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WIPO Diary (SCCR 34) Day 5 - The end of the beginning or the beginning of the end?

Fridays at the SCCR are always unpredictable, and Friday 5 May was no exception. Yet whereas the usual drill is the final plenary dragging on late into the evening to enable time for a satisfactory closure, today was a little more mysterious.

For starters, there was more backroom huddling than open plenary debate at times when the sessions were theoretically meant to be live. The chamber stood eerily quiet for much of the day.

This was largely driven by the chairman, Daren Tang, who was anxious that his first SCCR should conclude with a substantive recommendation to the budget-setting WIPO General Assemblies, in October.

In his own words, the goal was to produce something more meaningful than the usual safe recommendation that the SCCR should merely keep strumming away at the incumbent agenda.

However, having resumed the final plenary at around 4pm, Tang then quickly adjourned it again to allow the national groupings to hold decisive in camera talks, and draw a confident line under the week’s work.

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WIPO Diary (SCCR 34) Day 4 - Copyright: if it ain't broke, don't fix it

Today the SCCR talks ticked onwards to the ‘and persons of other disabilities’ part of the agenda item ‘limitations and exceptions for educational and research institutions and for persons with other disabilities’ (referring to non-visual impairments).

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WIPO Diary (SCCR 34) Day 3 - IPA takes centre stage

WIPO Diary (SCCR 34) Day 3 - IPA takes centre stage

Committee Chair Daren Tang brought to bear his endearing blend of levitas and gravitas this morning as he started the day’s negotiations on ‘limitations and exceptions for libraries and archives’. As he did so, Tang reminded the delegates of the burden of responsibility they bear, something that’s becoming his signature patter.

He said their decisions ‘can make a positive impact on the lives of the millions of citizens out there who are in different countries struggling with different issues’, and that copyright ‘impacts the lives of every person’.

‘I hope that we will be able to move towards something that is constructive, something that is useful not just from the government perspective, but from the human perspective ... the connection of what we do here with the lives of those people will become a lot more apparent than it is now, will become a lot more positive than it is right now, and I believe that's the spirit in which we should work,’ he said.

The inference – intended or otherwise – is that the SCCR has a duty to put the greater good before self-interest and other less noble considerations.

Despite this, most of the delegates then stated again that an international instrument is the wrong approach, while pockets of the Global South want it. By the same token, content owners don’t see the point, while librarians and archivists vehemently do. It’s hard to see a way through this impasse, and indeed the Chair’s greatest task now will be to map such a route.

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WIPO Diary Day 2 (SCCR 34) - 'Informals' in the chamber of secrets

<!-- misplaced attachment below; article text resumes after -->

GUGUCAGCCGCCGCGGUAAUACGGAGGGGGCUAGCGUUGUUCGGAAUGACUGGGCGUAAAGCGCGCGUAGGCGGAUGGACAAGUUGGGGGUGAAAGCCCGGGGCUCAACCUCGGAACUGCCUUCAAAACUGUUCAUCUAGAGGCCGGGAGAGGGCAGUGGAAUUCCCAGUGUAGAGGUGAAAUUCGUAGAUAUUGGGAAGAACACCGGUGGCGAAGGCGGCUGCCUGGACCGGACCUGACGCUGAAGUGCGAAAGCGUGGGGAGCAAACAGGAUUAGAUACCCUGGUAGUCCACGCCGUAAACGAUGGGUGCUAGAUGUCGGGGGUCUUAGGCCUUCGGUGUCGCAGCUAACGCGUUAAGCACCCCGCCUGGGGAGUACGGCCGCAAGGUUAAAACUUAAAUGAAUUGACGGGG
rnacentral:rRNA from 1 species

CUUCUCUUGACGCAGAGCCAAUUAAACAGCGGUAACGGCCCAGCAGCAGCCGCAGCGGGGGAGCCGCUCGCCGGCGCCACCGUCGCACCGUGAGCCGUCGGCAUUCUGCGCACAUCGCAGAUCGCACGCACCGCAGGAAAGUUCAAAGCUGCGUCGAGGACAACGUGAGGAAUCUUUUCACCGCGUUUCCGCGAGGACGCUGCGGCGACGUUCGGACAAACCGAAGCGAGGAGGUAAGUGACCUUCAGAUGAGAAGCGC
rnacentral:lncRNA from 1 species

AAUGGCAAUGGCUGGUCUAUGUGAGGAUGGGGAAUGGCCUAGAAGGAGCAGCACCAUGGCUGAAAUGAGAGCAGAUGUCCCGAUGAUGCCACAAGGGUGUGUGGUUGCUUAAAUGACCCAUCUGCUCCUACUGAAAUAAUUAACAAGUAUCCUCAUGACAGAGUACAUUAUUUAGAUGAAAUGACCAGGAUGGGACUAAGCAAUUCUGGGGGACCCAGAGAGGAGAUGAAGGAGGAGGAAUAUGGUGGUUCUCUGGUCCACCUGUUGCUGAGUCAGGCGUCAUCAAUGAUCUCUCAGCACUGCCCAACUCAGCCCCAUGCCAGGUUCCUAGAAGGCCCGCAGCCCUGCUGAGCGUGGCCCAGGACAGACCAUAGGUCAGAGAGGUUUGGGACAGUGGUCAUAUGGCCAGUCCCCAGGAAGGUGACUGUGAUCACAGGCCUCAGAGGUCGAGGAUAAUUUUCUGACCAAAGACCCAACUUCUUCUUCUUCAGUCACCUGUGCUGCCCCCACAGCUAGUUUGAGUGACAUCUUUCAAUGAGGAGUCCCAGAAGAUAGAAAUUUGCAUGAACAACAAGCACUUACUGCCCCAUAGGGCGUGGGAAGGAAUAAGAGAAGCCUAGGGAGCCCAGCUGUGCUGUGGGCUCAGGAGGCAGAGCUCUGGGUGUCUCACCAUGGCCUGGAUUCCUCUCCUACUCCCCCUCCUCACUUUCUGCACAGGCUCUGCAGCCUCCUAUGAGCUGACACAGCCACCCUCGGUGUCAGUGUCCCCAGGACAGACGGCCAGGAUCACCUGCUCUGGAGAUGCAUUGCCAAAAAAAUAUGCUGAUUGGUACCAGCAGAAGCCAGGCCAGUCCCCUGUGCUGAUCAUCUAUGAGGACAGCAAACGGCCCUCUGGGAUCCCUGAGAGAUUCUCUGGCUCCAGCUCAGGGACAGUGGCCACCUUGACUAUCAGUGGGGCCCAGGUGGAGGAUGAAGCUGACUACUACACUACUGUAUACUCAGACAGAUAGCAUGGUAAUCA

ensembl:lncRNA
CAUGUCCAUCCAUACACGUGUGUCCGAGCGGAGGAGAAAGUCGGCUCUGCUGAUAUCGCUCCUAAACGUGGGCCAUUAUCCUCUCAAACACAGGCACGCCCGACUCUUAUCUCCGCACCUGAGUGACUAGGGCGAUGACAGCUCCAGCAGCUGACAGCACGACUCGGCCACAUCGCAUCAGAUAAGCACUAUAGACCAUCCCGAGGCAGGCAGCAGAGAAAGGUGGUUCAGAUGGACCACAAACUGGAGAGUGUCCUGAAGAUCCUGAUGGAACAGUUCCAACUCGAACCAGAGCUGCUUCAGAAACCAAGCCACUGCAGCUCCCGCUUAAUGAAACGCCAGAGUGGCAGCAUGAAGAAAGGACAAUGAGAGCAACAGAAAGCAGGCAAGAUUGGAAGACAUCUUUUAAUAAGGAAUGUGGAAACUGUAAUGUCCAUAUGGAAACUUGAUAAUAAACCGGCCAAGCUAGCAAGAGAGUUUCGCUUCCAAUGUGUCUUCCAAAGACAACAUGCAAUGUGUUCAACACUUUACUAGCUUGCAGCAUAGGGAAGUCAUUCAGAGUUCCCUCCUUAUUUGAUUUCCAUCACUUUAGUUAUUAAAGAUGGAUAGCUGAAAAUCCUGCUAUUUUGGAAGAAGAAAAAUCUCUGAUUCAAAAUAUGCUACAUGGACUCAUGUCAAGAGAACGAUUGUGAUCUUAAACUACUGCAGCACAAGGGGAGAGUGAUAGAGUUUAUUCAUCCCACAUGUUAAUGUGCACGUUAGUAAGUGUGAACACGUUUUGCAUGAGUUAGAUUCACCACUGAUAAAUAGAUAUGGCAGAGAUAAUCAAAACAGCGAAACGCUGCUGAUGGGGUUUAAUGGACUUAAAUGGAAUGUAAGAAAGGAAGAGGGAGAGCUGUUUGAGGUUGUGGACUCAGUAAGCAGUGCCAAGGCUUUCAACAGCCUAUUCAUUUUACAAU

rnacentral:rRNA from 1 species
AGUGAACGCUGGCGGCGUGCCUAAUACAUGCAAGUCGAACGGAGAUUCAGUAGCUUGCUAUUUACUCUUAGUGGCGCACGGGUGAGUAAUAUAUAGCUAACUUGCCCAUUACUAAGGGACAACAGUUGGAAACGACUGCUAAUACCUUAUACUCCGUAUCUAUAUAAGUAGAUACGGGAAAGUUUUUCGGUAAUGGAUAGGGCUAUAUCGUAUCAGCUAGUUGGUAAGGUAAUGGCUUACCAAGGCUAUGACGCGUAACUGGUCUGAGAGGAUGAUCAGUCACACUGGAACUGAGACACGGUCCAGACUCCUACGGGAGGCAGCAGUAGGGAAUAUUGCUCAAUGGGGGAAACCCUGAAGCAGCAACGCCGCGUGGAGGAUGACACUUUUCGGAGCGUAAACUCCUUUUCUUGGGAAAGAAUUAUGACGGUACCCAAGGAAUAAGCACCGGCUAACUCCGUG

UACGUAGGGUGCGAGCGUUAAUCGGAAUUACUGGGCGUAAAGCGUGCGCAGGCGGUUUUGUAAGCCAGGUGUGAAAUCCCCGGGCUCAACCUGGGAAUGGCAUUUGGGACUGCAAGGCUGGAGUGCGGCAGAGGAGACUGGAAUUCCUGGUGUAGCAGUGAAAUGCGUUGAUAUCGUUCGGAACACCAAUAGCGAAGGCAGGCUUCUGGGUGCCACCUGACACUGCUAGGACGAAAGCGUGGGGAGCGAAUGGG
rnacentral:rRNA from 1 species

Today’s talks unfolded almost entirely behind closed doors during so-called ‘informals’, a setting usually employed to unblock a particularly tough impasse, when consensus on the floor of the plenary has proved impossible.

The informals, which take place in a separate chamber on the WIPO campus, are strictly for country delegations only. NGOs are not invited, but we can follow the audio feed from the plenary chamber provided we don’t report publicly what is said.

This approach enables the delegates to be freer and franker when wrangling over semantic minutiae that, ultimately, will form the substance of the text.

It was late afternoon before the committee returned to the plenary chamber to report on their talks. Chairman Daren Tang immediately poured cold water on the idea that a diplomatic conference on the broadcasting treaty was around the corner (see previous blog post). However, he did suggest the 'chair's text' be upgraded to a 'committee text'. This is a baby step closer to collective acceptance of the working document under discussion, which until now had only reflected the previous chair's personal attempt to provide a fair text.

Other than that, I have nothing much to write about what happened today ... so let’s look at tomorrow, when the IPA, with FEP and Bertlesmann, will stage a side-event with a difference.

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WIPO Diary (SCCR 34) Day 1 - Musical chairs, and all that jazz.

WIPO Diary (SCCR 34) Day 1 - Musical chairs, and all that jazz.

SCCR 34 opened this rainy Geneva morning, if not with a bang, at least with the hope that proceedings could ‘swing’ under the leadership of the committee’s upbeat new chairman, onetime jazzman, Daren Tang.

After WIPO Director General Francis Gurry passed him the gavel, Tang, who is CEO of the Intellectual Property Office of Singapore, promised to do his best to yield results – particularly on the stickier agenda items.

Chief among these is the ‘protection of broadcasting organizations’, which has basically ping-ponged back and forth across the floor for 20 years, despite WIPO’s best efforts to drag it forwards.